Being full spectrum not only refers to using the technology for in vivo and ex vivo therapeutic applications. It also encompasses our mission to create a toolbox of technology enablers and solutions — from various gene editing and delivery modalities to development capabilities.
With Intellia’s February 28 announcement, highlighting the latest data from our Phase 1 clinical trial of NTLA-2001 for the treatment of ATTR amyloidosis, we are seeing CRISPR’s potential as a one-time treatment for genetic diseases. Fifteen individuals with their own unique lives and stories are participating in Part 1 of our first-in-human Phase 1 study. And initial clinical test results suggest that relevant aspects of their disease have been significantly impacted.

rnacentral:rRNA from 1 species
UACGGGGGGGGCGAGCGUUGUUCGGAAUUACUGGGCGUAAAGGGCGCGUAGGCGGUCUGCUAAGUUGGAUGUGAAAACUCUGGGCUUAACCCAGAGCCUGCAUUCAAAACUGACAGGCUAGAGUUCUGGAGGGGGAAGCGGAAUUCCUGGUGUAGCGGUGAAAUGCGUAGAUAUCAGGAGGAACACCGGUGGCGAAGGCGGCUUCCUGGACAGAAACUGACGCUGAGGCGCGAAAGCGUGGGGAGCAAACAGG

A year ago, when we laid out Intellia’s strategic priorities for 2021, we announced our goal of evaluating the initial clinical profile of NTLA-2001, the first-ever systemically delivered CRISPR therapy dosed in a patient. Even though the interim clinical data announcement happened in June last year, I’m still struck by how much it changed everything – not just for Intellia, but for the field of genome editing and even the trajectory of medicine.
This week, we entered a new era of medicine. Intellia Therapeutics, the company I lead, announced the first clinical data in history suggesting that we can harness the genome editing technology CRISPR to precisely edit target cells within the body to treat — and potentially cure — a genetic disease.
The year was 2000, and I was part of an advance crew scouring different parts of Africa in search of regions where we could – realistically – make Abbott’s HIV treatments readily available. I will never forget how village elders were left to care for their grandchildren. These kids’ parents, a whole generation of middle-aged adults, had died from HIV/AIDS.